The NSA and its PRISM data collection has been a hot topic for a while now. Ever since Edward Snowden flew to Hong Kong and dumped the news on the world that none of us can really say anything privately online, a lot of people have been trying to figure out how to get around that surveillance. One method would be to use privatised services with encrypted data, but that doesn’t necessarily stop the US government from leaning on the company itself until they hand over your information. To prevent that happening to its users, Lavabit recently ended its near ten year operation and now another company, Cryptoseal, has done the same thing.
The context is a little different in this situation though. While Lavabit was being pressed by the US government to hand over data on Edward Snowden, that would have allowed it to gain access to all of the company’s users, Cryptoseal isn’t even waiting for the warning shot.
“With immediate effect as of this notice, CryptoSeal Privacy, our consumer VPN service, is terminated. All cryptographic keys used in the operation of the service have been zerofilled, and while no logs were produced (by design) during operation of the service, all records created incidental to the operation of the service have been deleted to the best of our ability,” the company said in a public statement.
Until now, CryptoSeal offered a VPN service, which allows a customer to mask their IP address, essentially leap frogging from one system to another and masking their tracks. While that should make someone pretty safe online, the problems start if the US or another government begins pressuring the company to provide details, as they hold the encryption keys. Despite a thriving business, CryptoSeal decided it wasn’t worth risking its customers’ data or their trust.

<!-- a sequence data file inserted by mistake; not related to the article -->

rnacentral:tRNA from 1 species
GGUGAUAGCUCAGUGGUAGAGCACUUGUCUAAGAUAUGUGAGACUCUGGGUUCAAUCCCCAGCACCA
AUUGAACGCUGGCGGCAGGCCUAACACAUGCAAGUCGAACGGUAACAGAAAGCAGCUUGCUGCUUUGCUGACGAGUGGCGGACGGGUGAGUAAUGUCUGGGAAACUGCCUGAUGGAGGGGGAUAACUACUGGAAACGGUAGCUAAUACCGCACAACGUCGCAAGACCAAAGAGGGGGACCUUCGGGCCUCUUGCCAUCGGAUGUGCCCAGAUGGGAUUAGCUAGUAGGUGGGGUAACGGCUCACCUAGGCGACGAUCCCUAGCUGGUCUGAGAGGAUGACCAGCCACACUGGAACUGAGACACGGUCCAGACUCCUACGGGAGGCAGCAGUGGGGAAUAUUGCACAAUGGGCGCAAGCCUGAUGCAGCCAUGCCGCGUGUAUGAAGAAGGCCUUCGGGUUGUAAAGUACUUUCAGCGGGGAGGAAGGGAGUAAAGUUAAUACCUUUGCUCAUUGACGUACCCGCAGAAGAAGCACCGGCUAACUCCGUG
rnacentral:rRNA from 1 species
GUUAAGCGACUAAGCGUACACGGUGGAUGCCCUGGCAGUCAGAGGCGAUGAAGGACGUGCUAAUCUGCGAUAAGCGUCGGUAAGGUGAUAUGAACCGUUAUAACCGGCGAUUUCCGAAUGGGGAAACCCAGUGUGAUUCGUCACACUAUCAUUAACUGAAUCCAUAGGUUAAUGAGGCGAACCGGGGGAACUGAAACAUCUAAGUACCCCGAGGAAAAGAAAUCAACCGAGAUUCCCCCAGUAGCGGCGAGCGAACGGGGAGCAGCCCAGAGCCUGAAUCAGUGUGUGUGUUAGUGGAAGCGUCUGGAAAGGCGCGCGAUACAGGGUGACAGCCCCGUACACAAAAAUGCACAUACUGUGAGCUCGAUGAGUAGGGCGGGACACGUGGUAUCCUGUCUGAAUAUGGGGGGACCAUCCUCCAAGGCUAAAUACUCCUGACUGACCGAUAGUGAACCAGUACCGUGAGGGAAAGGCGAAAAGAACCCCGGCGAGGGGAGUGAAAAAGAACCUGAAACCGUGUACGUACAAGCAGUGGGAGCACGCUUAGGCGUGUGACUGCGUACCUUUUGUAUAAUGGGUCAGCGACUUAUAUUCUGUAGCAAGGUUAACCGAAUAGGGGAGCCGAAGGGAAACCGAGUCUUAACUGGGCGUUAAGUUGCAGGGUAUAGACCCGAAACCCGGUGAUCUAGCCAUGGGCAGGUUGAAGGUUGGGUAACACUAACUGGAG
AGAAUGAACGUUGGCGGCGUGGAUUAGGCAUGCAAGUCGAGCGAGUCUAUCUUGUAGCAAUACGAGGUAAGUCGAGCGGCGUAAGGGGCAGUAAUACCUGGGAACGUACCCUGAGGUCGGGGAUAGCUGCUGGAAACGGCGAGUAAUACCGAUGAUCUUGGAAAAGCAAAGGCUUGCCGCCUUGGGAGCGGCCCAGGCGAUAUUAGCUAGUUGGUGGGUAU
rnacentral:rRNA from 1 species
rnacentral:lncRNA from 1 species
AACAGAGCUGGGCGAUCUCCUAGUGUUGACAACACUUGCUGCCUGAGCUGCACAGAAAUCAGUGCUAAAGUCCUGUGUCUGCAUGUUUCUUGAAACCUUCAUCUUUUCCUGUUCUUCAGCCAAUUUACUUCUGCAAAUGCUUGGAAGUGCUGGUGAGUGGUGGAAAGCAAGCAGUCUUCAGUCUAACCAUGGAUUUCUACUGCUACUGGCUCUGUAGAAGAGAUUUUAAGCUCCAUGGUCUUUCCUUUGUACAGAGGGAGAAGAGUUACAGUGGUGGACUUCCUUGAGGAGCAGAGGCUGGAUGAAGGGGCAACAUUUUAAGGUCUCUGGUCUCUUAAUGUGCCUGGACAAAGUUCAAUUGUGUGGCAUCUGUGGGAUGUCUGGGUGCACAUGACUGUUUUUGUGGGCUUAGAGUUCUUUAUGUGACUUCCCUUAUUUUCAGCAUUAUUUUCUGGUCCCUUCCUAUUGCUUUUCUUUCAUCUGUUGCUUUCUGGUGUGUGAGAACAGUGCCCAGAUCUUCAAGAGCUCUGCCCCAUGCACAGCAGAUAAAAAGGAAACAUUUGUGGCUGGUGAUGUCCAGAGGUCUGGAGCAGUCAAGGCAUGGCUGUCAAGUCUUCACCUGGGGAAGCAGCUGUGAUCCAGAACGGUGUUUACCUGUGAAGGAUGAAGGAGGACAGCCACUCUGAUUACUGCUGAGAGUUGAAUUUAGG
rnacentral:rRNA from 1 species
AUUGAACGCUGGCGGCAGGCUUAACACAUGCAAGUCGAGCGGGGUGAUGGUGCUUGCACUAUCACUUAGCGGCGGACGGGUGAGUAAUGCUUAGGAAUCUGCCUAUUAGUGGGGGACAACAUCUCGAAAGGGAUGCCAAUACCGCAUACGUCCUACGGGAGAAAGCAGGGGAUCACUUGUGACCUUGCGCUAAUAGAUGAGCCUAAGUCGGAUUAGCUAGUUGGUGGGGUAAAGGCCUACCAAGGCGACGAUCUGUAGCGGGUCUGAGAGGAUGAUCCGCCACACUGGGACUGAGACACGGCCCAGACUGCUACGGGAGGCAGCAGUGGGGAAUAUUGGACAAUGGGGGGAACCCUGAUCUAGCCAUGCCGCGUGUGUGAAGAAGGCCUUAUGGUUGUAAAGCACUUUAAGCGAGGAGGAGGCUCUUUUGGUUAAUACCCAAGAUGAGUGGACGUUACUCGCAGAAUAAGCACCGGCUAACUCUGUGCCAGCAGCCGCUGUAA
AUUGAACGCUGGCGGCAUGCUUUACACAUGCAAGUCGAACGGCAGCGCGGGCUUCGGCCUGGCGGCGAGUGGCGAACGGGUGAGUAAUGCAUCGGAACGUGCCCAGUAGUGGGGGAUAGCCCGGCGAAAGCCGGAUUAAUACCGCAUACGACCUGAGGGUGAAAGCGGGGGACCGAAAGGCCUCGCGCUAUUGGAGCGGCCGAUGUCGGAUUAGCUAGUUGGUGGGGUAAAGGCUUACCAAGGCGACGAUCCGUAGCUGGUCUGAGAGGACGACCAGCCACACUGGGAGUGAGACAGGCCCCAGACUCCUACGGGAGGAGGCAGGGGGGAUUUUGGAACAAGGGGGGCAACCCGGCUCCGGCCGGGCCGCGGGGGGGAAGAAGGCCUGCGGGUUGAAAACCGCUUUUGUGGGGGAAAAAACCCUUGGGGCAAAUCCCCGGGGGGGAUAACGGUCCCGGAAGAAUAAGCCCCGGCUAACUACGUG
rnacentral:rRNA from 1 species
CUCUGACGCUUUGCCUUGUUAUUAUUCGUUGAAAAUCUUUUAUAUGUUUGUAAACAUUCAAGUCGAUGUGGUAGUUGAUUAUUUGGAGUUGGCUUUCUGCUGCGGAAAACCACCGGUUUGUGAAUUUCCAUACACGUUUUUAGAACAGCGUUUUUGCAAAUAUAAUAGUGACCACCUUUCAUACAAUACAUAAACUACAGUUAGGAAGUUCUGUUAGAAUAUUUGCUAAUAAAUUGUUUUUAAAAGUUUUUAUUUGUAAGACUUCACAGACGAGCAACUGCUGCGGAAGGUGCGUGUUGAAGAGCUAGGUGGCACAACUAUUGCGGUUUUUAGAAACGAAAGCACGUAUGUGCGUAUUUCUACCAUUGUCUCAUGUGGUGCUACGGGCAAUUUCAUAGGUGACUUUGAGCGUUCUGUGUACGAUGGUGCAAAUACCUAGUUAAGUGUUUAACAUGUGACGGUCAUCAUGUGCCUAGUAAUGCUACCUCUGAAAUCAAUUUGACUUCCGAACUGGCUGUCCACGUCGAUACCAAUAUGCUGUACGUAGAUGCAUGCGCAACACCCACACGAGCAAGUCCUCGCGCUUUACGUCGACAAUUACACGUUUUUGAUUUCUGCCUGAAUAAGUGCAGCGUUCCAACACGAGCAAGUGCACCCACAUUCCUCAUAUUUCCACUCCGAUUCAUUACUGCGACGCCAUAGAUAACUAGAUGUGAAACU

“Essentially, the service was created and operated under a certain understanding of current US law, and that understanding may not currently be valid,” the statement continued. “As we are a US company and comply fully with US law, but wish to protect the privacy of our users, it is impossible for us to continue offering the CryptoSeal Privacy consumer VPN product.”
It became clear in the wake of the Edward Snowden leaks, that no US company could stand up to the NSA and other organisations if the demands for data came in. If Facebook, Google and Yahoo were bending over backwards, despite their billions of dollars and no doubt, crack legal teams, what chance does a company like CryptoSeal have?
Kitguru Says: This is why the efforts of certain people, within the US and without, are so important as until these data acquisition laws are changed and tied down, companies will continue to feel threatened and unable to do business as they see fit. Despite operating within legal guidelines, the business of user privacy becomes impossible when the government can order you to not do your job.